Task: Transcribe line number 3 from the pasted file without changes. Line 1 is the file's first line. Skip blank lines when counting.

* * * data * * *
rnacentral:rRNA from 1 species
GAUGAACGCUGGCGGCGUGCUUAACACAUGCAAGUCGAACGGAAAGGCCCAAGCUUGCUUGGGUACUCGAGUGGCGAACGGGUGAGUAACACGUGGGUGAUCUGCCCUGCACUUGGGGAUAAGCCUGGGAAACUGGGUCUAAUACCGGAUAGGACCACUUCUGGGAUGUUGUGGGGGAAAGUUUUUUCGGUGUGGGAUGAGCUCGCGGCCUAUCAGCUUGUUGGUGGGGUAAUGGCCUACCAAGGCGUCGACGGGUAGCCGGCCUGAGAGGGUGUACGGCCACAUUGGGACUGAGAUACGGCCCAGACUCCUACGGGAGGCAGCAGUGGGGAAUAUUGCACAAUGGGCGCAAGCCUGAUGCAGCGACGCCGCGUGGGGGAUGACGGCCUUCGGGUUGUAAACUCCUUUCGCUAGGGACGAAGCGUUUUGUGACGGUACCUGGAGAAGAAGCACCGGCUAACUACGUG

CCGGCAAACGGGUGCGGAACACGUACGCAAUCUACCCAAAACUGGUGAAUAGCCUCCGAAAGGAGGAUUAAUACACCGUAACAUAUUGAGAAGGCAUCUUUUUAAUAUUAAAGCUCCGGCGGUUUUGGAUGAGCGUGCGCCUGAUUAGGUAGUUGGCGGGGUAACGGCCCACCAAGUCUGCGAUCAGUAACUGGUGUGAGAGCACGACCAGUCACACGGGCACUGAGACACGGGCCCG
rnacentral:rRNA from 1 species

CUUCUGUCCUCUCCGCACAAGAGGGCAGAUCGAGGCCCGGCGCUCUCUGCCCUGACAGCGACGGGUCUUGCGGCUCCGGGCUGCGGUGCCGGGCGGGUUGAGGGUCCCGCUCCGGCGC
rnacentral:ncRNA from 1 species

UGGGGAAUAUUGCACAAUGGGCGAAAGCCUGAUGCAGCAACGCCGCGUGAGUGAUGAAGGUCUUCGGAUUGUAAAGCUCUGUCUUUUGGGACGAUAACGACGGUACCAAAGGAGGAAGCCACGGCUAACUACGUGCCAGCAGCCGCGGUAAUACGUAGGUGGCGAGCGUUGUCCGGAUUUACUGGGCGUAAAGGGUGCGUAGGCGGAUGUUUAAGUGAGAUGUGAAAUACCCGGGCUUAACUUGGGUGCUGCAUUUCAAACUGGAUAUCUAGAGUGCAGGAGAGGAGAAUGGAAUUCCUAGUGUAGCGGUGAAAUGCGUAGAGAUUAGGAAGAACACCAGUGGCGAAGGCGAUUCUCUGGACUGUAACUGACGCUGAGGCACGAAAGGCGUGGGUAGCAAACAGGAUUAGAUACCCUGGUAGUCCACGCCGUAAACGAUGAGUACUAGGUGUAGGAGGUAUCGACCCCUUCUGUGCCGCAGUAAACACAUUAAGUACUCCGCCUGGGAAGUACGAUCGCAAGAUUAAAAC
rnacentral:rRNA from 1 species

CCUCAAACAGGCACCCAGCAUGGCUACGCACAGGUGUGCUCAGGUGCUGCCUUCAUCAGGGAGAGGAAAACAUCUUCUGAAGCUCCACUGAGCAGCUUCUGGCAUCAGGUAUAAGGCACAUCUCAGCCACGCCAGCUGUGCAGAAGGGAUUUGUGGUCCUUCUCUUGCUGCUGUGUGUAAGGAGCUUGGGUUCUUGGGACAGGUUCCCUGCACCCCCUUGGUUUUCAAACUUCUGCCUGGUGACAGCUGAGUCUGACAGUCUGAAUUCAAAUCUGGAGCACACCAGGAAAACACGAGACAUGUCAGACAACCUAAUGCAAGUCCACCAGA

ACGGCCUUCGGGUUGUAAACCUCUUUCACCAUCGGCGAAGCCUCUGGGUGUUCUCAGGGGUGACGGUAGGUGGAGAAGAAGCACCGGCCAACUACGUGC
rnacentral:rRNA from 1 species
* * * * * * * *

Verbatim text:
CCGGCAAACGGGUGCGGAACACGUACGCAAUCUACCCAAAACUGGUGAAUAGCCUCCGAAAGGAGGAUUAAUACACCGUAACAUAUUGAGAAGGCAUCUUUUUAAUAUUAAAGCUCCGGCGGUUUUGGAUGAGCGUGCGCCUGAUUAGGUAGUUGGCGGGGUAACGGCCCACCAAGUCUGCGAUCAGUAACUGGUGUGAGAGCACGACCAGUCACACGGGCACUGAGACACGGGCCCG